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Creating greener websites with Wagtail

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Team members
Jaden Bruno
Noah Levine
Edward Quezada
Peter Ming
Alex Solodko

Faculty mentor
Markus Pelger

Sponsor organization
Wagtail is an open source content management system that allows users to build, edit, and structure websites.

Project description

Wagtail came to us because they seek to compete against major competitors, such as WordPress, by establishing and marketing a more sustainable platform. Specifically, they want us to determine and quantify the main drivers of carbon emissions for websites and then extrapolate the potential economic and environmental effects upon implementation of the Wagtail system. Based on these findings, we will make suggestions on what Wagtail's next steps should be.

Techniques and methods used

We utilized a multitude of techniques during our project journey. Through our research, we aimed to determine which features of a website have the largest impact on predicting emissions per page load. To do this, we first used CMS Detector to determine if a website is using WordPress as its primary CMS. We then aimed to build a representative sample of the internet, by researching 100 websites spanning 21 major industries.

We utilized Ecograder, a tool that uses web crawling technology to evaluate the environmental sustainability of a website. Ecograder assigns an overall sustainability score out of 100 and reports the emissions per page load. Ecograder also provides a score for the three major functions of website emissions: Page Weight, UX Design, and Green Hosting. These scores are further broken down into 20 subcategories, which also have a score out of 100.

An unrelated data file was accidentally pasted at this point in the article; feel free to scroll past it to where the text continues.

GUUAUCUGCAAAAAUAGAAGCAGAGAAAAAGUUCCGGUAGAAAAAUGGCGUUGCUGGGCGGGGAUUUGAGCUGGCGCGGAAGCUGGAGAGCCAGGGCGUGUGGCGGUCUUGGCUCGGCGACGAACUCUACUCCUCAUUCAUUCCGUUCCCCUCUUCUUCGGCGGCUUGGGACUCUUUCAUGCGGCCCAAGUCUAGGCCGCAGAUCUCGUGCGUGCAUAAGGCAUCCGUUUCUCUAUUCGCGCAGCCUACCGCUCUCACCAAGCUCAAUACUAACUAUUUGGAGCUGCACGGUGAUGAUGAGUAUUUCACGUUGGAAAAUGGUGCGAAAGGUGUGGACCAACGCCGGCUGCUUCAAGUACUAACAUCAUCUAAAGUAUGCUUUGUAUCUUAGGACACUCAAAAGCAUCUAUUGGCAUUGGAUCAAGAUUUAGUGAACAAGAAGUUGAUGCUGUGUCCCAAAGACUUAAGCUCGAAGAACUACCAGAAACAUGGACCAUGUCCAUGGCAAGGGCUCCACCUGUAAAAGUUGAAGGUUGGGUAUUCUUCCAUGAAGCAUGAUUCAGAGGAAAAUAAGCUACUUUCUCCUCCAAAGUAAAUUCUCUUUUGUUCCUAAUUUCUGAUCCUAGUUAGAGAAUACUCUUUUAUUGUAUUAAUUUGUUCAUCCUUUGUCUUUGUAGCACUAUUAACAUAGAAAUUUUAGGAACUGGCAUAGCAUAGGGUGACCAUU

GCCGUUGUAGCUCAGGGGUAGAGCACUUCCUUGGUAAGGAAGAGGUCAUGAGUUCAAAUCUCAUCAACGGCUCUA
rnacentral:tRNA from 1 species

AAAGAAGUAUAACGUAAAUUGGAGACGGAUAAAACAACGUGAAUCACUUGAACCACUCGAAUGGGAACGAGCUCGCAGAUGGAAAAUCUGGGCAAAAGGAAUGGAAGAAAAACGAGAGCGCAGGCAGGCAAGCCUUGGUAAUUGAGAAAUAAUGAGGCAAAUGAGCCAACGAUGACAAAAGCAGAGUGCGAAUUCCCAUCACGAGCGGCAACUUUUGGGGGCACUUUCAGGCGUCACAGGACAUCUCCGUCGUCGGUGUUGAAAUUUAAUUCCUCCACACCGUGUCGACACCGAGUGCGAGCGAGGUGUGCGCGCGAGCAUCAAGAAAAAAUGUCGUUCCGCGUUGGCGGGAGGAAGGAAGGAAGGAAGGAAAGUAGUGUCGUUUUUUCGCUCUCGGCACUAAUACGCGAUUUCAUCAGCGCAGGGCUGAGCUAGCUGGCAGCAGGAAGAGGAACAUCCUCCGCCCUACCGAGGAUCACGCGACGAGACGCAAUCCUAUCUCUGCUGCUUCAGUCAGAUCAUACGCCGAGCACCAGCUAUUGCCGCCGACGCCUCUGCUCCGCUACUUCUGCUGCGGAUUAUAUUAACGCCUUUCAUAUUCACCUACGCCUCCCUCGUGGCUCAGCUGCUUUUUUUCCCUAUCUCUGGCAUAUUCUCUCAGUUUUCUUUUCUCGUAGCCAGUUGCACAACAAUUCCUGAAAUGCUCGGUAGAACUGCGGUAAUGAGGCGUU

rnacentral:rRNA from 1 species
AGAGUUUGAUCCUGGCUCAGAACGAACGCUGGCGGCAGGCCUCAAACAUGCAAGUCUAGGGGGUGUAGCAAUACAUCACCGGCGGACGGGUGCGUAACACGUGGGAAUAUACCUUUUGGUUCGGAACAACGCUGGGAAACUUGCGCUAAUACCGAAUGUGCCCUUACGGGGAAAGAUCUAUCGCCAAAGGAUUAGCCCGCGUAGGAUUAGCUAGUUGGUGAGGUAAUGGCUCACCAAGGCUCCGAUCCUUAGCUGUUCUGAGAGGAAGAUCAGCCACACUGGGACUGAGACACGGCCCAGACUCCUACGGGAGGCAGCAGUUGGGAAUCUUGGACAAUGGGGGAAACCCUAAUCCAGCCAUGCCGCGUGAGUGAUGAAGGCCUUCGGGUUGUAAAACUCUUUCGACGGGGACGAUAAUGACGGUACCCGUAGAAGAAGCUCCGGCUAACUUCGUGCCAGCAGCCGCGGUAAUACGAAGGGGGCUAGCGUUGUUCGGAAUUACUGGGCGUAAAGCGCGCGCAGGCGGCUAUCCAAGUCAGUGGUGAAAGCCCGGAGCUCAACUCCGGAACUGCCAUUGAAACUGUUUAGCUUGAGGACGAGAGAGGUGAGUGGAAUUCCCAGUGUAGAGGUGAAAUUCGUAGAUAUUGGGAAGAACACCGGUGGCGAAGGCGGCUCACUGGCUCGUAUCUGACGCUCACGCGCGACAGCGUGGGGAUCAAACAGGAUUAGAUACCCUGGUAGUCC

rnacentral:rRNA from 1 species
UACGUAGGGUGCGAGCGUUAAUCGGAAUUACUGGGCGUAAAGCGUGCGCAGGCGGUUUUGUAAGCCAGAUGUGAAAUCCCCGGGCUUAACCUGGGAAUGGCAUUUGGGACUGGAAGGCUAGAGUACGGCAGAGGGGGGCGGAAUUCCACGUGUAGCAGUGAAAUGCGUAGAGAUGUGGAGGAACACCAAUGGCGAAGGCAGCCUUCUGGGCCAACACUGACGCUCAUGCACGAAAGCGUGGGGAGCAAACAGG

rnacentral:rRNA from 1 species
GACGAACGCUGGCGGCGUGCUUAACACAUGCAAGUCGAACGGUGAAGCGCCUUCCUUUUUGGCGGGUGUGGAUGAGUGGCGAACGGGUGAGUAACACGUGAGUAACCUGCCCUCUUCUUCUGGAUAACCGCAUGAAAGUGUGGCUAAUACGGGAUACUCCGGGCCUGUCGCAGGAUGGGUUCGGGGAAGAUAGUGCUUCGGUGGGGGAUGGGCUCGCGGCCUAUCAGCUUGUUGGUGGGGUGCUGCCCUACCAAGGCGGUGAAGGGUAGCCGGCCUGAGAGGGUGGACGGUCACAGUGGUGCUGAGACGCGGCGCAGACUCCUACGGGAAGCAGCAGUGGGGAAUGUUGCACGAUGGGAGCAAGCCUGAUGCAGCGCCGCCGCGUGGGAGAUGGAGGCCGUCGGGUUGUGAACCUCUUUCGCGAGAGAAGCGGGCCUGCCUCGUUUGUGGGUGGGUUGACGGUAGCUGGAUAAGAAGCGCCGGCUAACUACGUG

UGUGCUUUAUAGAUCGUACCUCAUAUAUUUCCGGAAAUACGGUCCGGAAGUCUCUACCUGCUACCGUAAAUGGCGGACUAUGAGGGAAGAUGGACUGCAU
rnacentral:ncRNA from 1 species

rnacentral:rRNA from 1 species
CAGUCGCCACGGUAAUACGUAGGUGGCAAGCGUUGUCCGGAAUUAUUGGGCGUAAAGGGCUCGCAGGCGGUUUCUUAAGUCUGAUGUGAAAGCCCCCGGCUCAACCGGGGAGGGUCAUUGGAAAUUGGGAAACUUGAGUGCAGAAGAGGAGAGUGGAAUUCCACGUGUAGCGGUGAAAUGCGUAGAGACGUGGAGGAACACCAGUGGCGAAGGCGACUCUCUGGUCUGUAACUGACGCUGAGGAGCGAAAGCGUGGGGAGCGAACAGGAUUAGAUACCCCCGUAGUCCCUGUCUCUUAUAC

To predict emissions for websites and to test which variables are statistically significant in predicting Ecograder scores, we ran a multiple regression analysis. The variables we used to predict the Ecograder score were the Page Weight score, Greenhosting score, and UX design score. 

In order to assess model fit and performance, we looked at both the mean squared error (MSE) and the R² values. The mean squared error indicates the average squared difference between the observed actual outcomes and the outcomes predicted by the model. R² is a statistic that measures the proportion of the variance in the dependent variable that can be predicted from the independent variables. An R² of 0.797 indicates that approximately 79.7% of the variance in the Ecograder score can be explained by the model, indicating a strong fit.

Then, we ran univariate regressions on each of the features to see which ones had the largest R² relative to the Ecograder Score. We further examined the coefficients to better understand the correlations between the Ecograder score and each feature.

Solutions and deliverables


Quantifying Improvement in Ecograder Scores

Using our prior regression model and pertinent descriptive statistics, we quantified the potential improvements in Ecograder score if green hosting is implemented and scores for the most significant features of UX Design and Page Weight are optimized.